At age 24, Donna Bruck of Monroe, Michigan was diagnosed with invasive ductal carcinoma (IDC), the diagnosis behind about 80% of all breast cancers. Prior to this discovery, Bruck's grandfather survived breast cancer -- and a year after Brucks's chemo ended, her mother received the same diagnosis.
And while Bruck said she is proud to be from a family of survivors, experts emphasize that learning your family's health history can help you and your doctor formulate a health plan.
For this young woman, that plan included six surgeries for mastectomy, port placement/removal, breast reconstruction and five months of chemotherapy, which caused her to lose her trademark long blonde hair.
What Bruck didn't lose however, was her loving disposition and her spirit. At a time in her life when she could have said "why me?," Bruck asked: "How can I help others?" She began to help by speaking at every opportunity, sharing her story of young diagnosis with hopes that more women will conduct breast self-exams and get mammograms.
Her story starts when she found a three-centimeter tumor during a breast self-exam, a practice that many young women apparently disregard. "[Skipping self-exams] can possibly lower the chance of survival," notes Dr Cheryl Perkins, Komen Foundation senior clinical advisor. Health care providers caution it is vitally important for all women to become familiar with how their breasts look and feel through monthly breast self examinations beginning no later than age 20.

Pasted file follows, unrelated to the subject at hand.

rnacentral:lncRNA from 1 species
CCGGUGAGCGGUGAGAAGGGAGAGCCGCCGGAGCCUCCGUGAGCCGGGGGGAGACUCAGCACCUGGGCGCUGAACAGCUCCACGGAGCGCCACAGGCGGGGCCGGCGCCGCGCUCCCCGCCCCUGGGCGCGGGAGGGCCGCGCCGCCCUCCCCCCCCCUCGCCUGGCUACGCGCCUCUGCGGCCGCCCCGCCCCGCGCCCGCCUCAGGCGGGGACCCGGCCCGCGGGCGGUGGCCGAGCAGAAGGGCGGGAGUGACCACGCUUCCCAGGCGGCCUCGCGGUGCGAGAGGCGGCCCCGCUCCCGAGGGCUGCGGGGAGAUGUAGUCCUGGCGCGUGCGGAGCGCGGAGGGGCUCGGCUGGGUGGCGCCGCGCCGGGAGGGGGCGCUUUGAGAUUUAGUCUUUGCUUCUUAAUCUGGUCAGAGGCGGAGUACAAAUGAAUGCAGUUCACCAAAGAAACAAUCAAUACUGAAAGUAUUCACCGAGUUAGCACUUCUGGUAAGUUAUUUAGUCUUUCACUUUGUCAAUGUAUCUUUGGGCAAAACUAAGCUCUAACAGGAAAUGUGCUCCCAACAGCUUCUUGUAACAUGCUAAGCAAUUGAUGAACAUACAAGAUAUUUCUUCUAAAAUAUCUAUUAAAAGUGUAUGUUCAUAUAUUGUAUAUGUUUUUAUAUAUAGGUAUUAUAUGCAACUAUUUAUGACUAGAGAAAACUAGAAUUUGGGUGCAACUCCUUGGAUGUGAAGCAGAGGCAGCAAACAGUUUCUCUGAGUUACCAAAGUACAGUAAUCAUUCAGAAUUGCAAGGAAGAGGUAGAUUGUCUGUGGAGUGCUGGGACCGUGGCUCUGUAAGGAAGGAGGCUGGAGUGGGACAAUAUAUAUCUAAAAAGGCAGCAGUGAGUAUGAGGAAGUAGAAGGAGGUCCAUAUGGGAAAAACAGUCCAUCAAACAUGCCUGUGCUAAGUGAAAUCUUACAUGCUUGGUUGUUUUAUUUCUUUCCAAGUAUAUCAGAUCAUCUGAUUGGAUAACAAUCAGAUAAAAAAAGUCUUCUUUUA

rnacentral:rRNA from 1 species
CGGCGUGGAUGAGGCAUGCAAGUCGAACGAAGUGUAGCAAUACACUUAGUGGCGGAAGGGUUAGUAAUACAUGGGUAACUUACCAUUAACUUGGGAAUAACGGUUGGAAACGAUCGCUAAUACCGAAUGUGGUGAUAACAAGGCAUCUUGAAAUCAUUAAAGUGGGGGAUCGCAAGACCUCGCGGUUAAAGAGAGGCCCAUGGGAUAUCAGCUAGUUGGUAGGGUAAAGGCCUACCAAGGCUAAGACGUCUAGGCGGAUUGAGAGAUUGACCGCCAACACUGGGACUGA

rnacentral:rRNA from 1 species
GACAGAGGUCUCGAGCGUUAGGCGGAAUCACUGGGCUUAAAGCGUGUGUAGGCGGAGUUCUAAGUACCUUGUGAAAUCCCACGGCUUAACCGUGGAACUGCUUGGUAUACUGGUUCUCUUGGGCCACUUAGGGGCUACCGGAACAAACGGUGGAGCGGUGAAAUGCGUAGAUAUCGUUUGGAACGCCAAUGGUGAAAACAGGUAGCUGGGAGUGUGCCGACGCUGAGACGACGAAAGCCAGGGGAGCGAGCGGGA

In fact, this year alone, more than 11,000 women ages 15-40 will be diagnosed with this disease. With one in seven American women at risk of developing breast cancer in her lifetime, it is never too early to establish good breast health practices. Young women's cancers are generally more aggressive, making early detection extremely important. That's a point Bruck tries to drive home during her presentations.
With her hair only one inch long, Bruck's smiling face could be seen in local public service announcements under the heading: You Don't Have to be Over 40 to Have Breast Cancer. She has also served as the 2004 keynote speaker at the Monroe Cancer Connections' "Cup of Tea for Hope" fundraiser and shared her "Cancer Scrap Book," a collection of cards and letters, photographs and medical paperwork detailing her journey. To further spread the message, this dynamic lady has spoken at schools, churches, cancer fundraisers, youth centers, VFW halls — and even the local cable station.
In between speaking engagements, Donna Bruck has driven more than 2,300 miles in 2006 transporting patients to doctors appointments and chemotherapy treatment as a way to connect with people in need. She remains with patients while they are injected with their chemotherapy regimens to offer them serenity and encouragement. Bruck also meets, comforts and mentors many women as they start their journey through breast cancer. She makes phone calls and often visits them in person at their homes, sharing a personal photo diary of her reconstruction surgeries.
In addition to speaking and mentoring, she was the driving force behind her family's American Cancer Society Relay for Life team, Fight Like a Girl -- Fight For A Cure! Along with her sister, her team's co-captain, Bruck participates in fundraising activities year-round. The team raised more than $3,000 in its first year alone.
Breast cancer didn't mean the end of a future for this one woman. In fact, it was just the opposite — the disease opened up a whole new world to Bruck and countless others around the country.
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